Figure 1

We shall now go ahead and double-click on the “Builder” icon seen to invoke the server so that we can do some simple configuration changes. You should now be looking at a screen the same as the screenshot below.

Figure 2

From there we will click on the “Main Settings” menu. The only changes we will make to the trojan server shall be here as we are not going to be making a long or exhaustive presentation to our users on the dangers of malware. Now you can use the default port of TCP 3410 if you like or change it to another of your choice. The default language setting for Optix Pro is English as you may have noticed by now. If you want to make any other changes to the trojan server now is the time to do it. If not please press the “Build/Create Server” icon on the upper left hand side of the trojan GUI. It will prompt you for a name as seen in the screenshot below.

Figure 3

Pick any name that you like as well as the path to save it in. You may as well simply save it in the Optix folder itself for simplicity and to keep everything in one spot. Once you have finished naming it you will be presented with the below noted screenshot.

Figure 4

At this point you can go ahead and simply build the server or you can choose to have it compressed via the program UPX. What this will do is compress the trojan server to a smaller size. This is often done as a large file/program can make someone suspicious, especially if they have some computer security knowledge. They would realize that a certain file/program should not be as large as it appears to be. What I will do is have one server that is now compressed with UPX and another that isn’t. We will look at what the UPX compressed trojan server looks like later on in the article series. Once you have finished writing your settings simply press the “OK all done!”.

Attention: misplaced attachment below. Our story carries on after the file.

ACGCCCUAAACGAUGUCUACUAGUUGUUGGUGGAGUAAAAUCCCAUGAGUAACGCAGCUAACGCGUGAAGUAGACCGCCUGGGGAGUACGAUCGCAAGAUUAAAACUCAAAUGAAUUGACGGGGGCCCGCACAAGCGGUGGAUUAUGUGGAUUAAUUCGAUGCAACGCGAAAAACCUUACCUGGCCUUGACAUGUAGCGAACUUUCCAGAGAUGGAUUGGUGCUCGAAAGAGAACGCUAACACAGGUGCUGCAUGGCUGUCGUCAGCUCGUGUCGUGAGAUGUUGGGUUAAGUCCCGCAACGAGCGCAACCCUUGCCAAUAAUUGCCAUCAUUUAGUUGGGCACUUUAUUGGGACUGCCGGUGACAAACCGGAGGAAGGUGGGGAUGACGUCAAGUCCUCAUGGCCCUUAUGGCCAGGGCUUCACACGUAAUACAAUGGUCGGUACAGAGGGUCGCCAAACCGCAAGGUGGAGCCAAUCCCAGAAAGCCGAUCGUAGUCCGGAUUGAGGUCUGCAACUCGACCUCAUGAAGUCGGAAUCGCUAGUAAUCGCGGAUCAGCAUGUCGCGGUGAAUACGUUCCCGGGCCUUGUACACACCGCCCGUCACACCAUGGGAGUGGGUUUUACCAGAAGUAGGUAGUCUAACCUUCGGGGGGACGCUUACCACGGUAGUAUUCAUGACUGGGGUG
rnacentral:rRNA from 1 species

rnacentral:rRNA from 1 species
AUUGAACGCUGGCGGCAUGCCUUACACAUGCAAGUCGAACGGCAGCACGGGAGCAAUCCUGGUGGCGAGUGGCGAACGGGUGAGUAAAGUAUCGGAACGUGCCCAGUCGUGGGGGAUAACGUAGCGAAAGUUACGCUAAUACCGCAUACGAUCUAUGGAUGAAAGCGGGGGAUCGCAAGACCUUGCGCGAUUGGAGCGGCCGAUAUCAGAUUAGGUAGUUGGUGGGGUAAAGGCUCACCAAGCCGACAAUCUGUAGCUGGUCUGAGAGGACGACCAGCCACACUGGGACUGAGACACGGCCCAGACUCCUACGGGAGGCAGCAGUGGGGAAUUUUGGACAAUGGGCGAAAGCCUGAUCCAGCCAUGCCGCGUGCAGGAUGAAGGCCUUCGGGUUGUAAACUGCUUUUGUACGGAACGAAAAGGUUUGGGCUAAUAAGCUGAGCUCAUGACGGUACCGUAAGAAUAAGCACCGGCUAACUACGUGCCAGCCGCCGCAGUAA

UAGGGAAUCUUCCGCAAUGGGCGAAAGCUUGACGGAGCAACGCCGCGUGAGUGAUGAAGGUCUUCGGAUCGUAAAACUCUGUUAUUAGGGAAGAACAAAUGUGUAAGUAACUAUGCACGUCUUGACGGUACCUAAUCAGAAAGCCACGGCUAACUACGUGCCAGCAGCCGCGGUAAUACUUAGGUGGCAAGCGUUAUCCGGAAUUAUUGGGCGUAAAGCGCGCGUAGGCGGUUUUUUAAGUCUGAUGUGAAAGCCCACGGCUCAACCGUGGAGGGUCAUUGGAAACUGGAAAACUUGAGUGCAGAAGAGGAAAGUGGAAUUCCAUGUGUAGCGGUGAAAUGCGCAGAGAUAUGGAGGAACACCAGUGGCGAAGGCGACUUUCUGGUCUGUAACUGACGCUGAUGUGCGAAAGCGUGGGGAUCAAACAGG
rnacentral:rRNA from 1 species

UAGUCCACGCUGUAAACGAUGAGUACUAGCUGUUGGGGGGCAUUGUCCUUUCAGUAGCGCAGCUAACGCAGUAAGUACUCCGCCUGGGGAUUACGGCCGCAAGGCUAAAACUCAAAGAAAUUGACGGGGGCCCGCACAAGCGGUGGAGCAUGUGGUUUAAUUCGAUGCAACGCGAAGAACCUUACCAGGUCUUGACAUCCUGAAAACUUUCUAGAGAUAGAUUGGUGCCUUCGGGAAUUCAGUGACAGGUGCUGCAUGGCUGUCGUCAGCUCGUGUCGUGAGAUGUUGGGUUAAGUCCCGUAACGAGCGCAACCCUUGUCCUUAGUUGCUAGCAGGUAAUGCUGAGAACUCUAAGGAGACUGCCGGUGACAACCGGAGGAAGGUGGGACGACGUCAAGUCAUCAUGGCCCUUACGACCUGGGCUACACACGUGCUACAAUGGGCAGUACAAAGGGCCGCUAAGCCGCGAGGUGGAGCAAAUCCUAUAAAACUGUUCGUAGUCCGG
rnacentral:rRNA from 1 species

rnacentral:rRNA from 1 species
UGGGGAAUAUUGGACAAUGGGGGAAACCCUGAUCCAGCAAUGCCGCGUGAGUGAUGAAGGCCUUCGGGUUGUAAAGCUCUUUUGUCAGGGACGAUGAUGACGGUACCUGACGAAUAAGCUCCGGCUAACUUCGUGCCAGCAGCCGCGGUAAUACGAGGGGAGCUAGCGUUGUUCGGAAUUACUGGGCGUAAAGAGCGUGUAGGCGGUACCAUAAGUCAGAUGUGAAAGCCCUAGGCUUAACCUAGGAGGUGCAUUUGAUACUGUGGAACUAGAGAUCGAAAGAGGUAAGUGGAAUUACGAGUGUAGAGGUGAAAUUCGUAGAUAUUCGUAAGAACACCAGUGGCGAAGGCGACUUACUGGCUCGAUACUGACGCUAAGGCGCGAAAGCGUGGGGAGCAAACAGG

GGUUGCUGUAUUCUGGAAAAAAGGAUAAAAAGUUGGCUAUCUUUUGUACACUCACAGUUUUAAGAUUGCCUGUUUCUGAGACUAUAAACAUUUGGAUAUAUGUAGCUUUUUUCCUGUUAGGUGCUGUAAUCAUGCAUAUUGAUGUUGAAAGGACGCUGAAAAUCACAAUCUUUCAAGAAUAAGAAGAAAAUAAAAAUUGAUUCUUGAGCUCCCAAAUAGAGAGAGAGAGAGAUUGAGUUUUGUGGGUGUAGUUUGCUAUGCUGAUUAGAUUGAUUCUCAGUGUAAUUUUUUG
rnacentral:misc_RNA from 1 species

Wrap Up

Covered so far have been the tools that are required in the effort to put on a computer security session for our corporate users. Further to that we have configured and gone over Optix Pro the trojan or malware (malware is a generic term that is used to describe not only Trojans, but also viruses and other forms of malicious software) in this case that we will use. In part two of this article series we will go on to look at the malware binder called YAB and the legitimate game program called Pong.exe. Those will be the final two ingredients we need to cook ourselves up a tasty piece of malware. In reality this article series is not only for the users in our respective corporate network settings, but it is also for us. You cannot know everything as a computer security professional. I can honestly say that I did not know exactly how one goes about building such malware until I decided it would make for a good article series. Hopefully, for those of you who were in the same situation as me, this will help put theoretical knowledge into practice. It is only by doing something, that you actually understand. See you in part two.

If you would like to read the other parts in this article series please go to